SOLD - 05 Victory Ness Vegas, 06 KLR650, 04 VT1100 Spirit, 01 VT750 ACE, 1986 VFR750F, 1991 CBR1000F
AMA# 2794531

Offline MAN OF BLUES

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Re: Front Brakes keep getting air in the system
« Reply #8 on: March 31, 2020, 08:12:01 pm »
I understand your skepticism on the explanation I gave about fittings, but please trust me on that; air is much easier to flow thru a threaded or compressed sealing surface, than the fluid it was designed to seal. Simple physics, air molecules are smaller, and much more difficult to seal than a liquid.

To show this further, when you receive your new speed bleeders, note that the threaded portion has a coating of sealant, located further up on the threaded section; this was added as a revision to the design, about 10 or more years ago, prior to that, the fittings had no sealant. Fact is, they found, thru repeated reports, that when using speed bleeders with a vacuum bleeding system, air would be sucked in along the pathway of the physical threads, giving the appearance there was more "air" in the fluid than was actually there: and when the valve was tightened, it did not seal "as well". People began "adding" things like "Teflon tape", in attempts to provide a better "air prevention" blocker to reduce that effect, but doing so, can and did end up with people having issues with small fragments of that tape, getting into the system.. not ideal.
They then found an alternative type of semi-hard sealant, and thus it is used today.

I wish you the best, and think when you go over the possible fittings, and insure they are tight, and replace those bleeders, you will be on the right track.

30 YEARS OF KAW.....Rich R. (the other one..)  COG 5977  JUSTAMEMBAHNOW
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Offline TireguyfromMA

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Re: Front Brakes keep getting air in the system
« Reply #9 on: March 31, 2020, 11:16:35 pm »
+1 on what MOB described.  I was trying to bleed some brakes with a mighty-vac unit.  I'd pump up the mighty vac, crack open the OEM bleed valve and would see a stream of tiny bubbles come up in the clear tube.  Kept thinking the brake lines had air in them but no matter how much I bled those brakes I would still see air in the tube.  Decided to remove the OEM bleed valve and switch over to Speed Bleeders.  When I removed the old bleeders the threads were almost bare. Put the speed bleeders in and boom the air was gone from the tube after the second time I opened the bleed screw.  I also purchased a bottle of the gray colored thread sealant they sell and have fixed the same problem on a couple of bikes by putting new thread sealant on the bleeders.  I also use the little check valve bleeder from Motion Pro tools, just like Fred Harmon does when he bleeds...works great.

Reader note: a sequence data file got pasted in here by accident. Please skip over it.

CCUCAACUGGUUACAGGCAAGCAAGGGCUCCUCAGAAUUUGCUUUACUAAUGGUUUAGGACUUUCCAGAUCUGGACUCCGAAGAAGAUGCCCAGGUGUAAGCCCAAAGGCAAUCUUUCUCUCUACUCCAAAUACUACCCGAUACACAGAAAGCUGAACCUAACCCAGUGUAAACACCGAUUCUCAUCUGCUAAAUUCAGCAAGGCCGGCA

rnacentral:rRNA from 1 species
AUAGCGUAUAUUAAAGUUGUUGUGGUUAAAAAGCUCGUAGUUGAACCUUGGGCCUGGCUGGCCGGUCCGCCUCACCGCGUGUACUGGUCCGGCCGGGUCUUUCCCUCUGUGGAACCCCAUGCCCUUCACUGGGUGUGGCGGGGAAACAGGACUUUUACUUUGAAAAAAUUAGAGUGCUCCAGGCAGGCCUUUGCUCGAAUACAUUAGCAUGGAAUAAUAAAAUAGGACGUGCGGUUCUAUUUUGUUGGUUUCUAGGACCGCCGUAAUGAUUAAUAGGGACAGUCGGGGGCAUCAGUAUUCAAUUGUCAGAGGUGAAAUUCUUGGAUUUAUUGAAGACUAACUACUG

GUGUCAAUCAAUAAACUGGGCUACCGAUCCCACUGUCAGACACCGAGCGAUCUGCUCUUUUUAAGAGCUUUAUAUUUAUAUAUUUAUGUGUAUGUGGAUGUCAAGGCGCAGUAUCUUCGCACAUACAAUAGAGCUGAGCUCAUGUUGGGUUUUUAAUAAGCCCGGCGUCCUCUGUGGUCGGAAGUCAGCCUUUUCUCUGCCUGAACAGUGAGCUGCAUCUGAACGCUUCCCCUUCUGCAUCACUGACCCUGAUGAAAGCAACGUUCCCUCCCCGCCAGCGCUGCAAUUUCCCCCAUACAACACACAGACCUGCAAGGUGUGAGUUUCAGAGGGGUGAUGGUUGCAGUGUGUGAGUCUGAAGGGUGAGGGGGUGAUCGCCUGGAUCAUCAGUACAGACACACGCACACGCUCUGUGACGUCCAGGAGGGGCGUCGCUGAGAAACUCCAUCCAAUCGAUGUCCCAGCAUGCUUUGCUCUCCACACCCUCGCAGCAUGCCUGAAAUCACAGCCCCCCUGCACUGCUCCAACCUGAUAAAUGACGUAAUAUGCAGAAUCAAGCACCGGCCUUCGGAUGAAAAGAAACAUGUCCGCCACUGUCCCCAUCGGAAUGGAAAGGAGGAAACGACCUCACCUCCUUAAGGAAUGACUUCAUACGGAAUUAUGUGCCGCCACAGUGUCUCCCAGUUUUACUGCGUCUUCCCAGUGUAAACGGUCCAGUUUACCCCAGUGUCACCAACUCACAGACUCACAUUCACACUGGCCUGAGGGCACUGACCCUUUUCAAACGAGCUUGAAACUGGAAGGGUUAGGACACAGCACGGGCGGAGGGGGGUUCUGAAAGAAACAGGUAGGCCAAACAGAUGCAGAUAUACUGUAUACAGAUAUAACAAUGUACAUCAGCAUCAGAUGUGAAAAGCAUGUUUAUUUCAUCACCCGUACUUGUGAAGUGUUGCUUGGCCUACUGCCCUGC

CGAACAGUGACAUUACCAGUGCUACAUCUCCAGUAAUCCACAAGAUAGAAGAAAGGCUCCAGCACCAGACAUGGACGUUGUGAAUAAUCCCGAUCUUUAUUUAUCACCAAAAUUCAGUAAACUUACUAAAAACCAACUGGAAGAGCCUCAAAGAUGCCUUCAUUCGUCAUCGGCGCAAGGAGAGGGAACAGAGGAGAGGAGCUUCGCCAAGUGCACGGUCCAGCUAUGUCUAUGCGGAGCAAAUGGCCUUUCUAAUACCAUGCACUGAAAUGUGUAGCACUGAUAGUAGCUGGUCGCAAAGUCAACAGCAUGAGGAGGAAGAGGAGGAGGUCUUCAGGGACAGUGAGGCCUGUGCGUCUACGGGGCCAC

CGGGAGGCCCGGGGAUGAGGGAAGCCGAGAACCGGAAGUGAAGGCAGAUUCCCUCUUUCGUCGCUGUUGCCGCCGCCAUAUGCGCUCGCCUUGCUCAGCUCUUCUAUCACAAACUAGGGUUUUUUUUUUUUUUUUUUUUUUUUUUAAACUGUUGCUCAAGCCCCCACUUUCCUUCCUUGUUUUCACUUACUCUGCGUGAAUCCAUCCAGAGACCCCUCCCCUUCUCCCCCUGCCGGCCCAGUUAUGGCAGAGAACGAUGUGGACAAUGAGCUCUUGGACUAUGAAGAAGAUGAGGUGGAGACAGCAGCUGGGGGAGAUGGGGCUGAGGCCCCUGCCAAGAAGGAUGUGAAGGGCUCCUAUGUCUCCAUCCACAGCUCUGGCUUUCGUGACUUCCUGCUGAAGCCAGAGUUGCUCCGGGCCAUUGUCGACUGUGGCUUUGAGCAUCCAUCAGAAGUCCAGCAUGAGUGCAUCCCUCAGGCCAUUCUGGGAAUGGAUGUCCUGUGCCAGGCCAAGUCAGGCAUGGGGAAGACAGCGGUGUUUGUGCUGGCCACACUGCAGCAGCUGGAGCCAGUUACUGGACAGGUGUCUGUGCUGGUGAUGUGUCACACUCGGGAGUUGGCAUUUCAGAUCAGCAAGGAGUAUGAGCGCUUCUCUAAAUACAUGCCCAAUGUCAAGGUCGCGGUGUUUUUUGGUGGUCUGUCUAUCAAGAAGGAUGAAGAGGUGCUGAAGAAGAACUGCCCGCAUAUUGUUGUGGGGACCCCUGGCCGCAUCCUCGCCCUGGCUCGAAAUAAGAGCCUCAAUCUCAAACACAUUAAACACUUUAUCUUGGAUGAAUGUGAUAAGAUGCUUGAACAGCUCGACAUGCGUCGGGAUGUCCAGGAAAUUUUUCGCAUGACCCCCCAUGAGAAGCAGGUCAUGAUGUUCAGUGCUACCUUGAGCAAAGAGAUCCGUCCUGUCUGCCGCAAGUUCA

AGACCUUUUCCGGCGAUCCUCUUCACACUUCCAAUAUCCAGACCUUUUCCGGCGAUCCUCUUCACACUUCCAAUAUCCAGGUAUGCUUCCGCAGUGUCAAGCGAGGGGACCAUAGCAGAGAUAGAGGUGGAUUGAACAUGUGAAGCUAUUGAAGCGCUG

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Offline Russ

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Re: Front Brakes keep getting air in the system
« Reply #10 on: April 01, 2020, 12:45:33 am »
I've never vacuum bled the brakes on the bike - I tried to vacuum bleed brakes on a boat trailer with surge brakes and could see the stream of bubbles coming from the bleeder screws - you could suck a gallon of fluid through them and see air the whole time - I know what you are saying. 

I can get all of the air out of the front brakes now - I'll replace the copper washer on the master while I'm rebuilding it.

Thanks again!

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Offline laker9142

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Re: Front Brakes keep getting air in the system
« Reply #11 on: April 02, 2020, 06:06:01 pm »
My 2 cents on vacuum bleeders is that they work wonderfully. I've been using one for the last 12 years. I've used it probably 30 times on my bike and others and never had a problem of any kind. Mine is made by might vac and ordered off amazon 12 years ago for $80. Its powered by compressed air, not the hand pumped unit.

The bubbles you see are coming from around the bleeder nipple threads and go straight into the vacuum bleeders waste container, not into the hydraulic system. I just used it on my clutch system that was completely empty due to rebuild of master and slave cylinders. I filled the master cyl reservoir twice and had perfect lever feel.

I've never used a push type bleeding system, but have always wondered how they keep the air from entering the system from around the threads of the nipples.

Offline Russ

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Re: Front Brakes keep getting air in the system
« Reply #12 on: April 03, 2020, 02:16:20 pm »
Got a new K&S Master Cylinder Kit from Amazon - and it was correct!

Rebuild was pretty easy - the master cylinder was definitely toast.  It was full of brake fluid behind the dust seal - where I think it probably ought to be dry.  I'm not sure why it wasnt leaking there, the actuator rod  goes right through it.  Speed Bleeders should be here today.  Weather is supposed to warm up next week - maybe I'll defy the gov and take it out for a test wheelie..
« Last Edit: April 03, 2020, 05:21:41 pm by Russ »

08 C14
SOLD - 05 Victory Ness Vegas, 06 KLR650, 04 VT1100 Spirit, 01 VT750 ACE, 1986 VFR750F, 1991 CBR1000F
AMA# 2794531